2. Reporting of Eligible Expenses: Recipient providers will report information about health care related expenses attributable to coronavirus, but only to the extent the expense is not reimbursed or obligated to be reimbursed by other sources. The reporting guidance indicates that the reported amount must be net of other reimbursed sources, including payments received from insurance and/or patients, and amounts received from federal, state, or local government.

The new guidance does not clearly limit the scope of which health care related expenses may be reported as attributable to coronavirus. Applicable expense reporting requirements differ according to the amount of PRF payments received. Recipients of between $10,000 and $499,999 in aggregated PRF payments will report health care related expenses attributable to coronavirus in two aggregated categories: (1) General and Administrative (G&A) expenses and (2) other health care related expenses.

Recipients who received $500,000 or more in PRF payments will provide more detailed information within the foregoing two categories. In the G&A category, such recipients must provide a breakdown of expenses in the following sub-categories: mortgage/rent, insurance, personnel, fringe benefits, new equipment or software lease payments, utilities/operations, and other general and administrative expenses. In the other health care related expenses category, recipients must provide a breakdown of expenses in the following sub-categories: supplies, equipment, information technology, facilities, and other health care related expenses.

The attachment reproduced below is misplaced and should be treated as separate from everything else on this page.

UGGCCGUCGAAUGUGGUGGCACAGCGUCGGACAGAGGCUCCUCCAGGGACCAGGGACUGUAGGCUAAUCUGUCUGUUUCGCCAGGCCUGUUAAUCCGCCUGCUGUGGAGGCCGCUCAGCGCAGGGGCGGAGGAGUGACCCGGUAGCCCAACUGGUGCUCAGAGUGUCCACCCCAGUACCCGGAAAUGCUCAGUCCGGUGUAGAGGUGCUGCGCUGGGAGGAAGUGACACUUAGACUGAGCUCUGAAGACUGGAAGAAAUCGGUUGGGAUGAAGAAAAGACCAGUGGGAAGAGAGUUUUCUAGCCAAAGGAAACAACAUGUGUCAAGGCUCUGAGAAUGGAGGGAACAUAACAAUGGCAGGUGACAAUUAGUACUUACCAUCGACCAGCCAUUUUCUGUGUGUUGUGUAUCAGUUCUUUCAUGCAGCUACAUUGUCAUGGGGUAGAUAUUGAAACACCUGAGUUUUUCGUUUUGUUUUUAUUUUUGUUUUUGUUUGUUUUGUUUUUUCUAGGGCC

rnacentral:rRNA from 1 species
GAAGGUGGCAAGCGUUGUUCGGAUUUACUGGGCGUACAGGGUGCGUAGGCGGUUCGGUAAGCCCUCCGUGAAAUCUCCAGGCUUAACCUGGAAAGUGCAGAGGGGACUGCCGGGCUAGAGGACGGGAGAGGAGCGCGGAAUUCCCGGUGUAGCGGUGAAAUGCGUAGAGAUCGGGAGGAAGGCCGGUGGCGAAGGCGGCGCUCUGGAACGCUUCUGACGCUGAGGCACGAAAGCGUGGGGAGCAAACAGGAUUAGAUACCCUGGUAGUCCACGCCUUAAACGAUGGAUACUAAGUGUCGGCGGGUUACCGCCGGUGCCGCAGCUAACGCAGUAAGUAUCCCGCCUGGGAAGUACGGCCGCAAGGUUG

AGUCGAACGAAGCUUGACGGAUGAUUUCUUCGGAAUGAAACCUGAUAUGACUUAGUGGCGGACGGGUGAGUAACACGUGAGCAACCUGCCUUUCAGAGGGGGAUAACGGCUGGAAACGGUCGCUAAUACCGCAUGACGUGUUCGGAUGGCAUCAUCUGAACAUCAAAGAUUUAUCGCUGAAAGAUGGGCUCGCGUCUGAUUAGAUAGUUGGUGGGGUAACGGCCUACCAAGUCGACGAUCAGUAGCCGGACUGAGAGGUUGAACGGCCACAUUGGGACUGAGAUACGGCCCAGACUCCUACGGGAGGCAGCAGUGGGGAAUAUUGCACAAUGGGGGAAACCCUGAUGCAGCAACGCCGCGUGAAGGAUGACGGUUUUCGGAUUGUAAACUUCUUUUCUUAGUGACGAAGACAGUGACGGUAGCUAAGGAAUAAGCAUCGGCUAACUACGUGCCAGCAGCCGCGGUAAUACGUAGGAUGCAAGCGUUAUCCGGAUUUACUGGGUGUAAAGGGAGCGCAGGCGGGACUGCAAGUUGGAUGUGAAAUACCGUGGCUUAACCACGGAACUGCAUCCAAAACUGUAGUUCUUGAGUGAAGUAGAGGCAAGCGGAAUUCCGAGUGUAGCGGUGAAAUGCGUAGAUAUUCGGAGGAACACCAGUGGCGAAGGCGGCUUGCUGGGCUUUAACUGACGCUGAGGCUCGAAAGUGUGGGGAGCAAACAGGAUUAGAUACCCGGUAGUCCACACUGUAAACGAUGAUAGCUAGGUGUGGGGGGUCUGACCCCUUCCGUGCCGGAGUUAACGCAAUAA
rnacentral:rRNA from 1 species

3. Reporting Entity. The reporting guidance addresses which entity should submit the required reports. Consistent with other current HHS FAQs, recipients of Targeted PRF Funds must be reported by the entity (identified by its taxpayer identification number) that received the payment; the report may not be submitted by a parent entity. For General Distributions of PRF funds, the entity that received the funds or a parent entity may submit the report.

4. Audits for Certain Recipients: Entities that expended $750,000 or more in aggregated federal financial assistance in 2020 (including PRF payments and other federal financial assistance) are subject to Single Audit requirements, as set forth in 45 C.F.R § 75.501. Recipients must indicate if they are subject to Single Audit requirements in 2020, and, if so, whether the auditors selected PRF payments to be within the scope of the Single Audit (if known at the time the recipient submits the report).

While there are a multitude of questions that remain unanswered related to the use and reporting of PRF funds, HHS has stated that it intends to offer Question & Answer sessions, and FAQs, as needed, to aid in the reporting process.

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DISCLAIMER: Because of the generality of this update, the information provided herein may not be applicable in all situations and should not be acted upon without specific legal advice based on particular situations.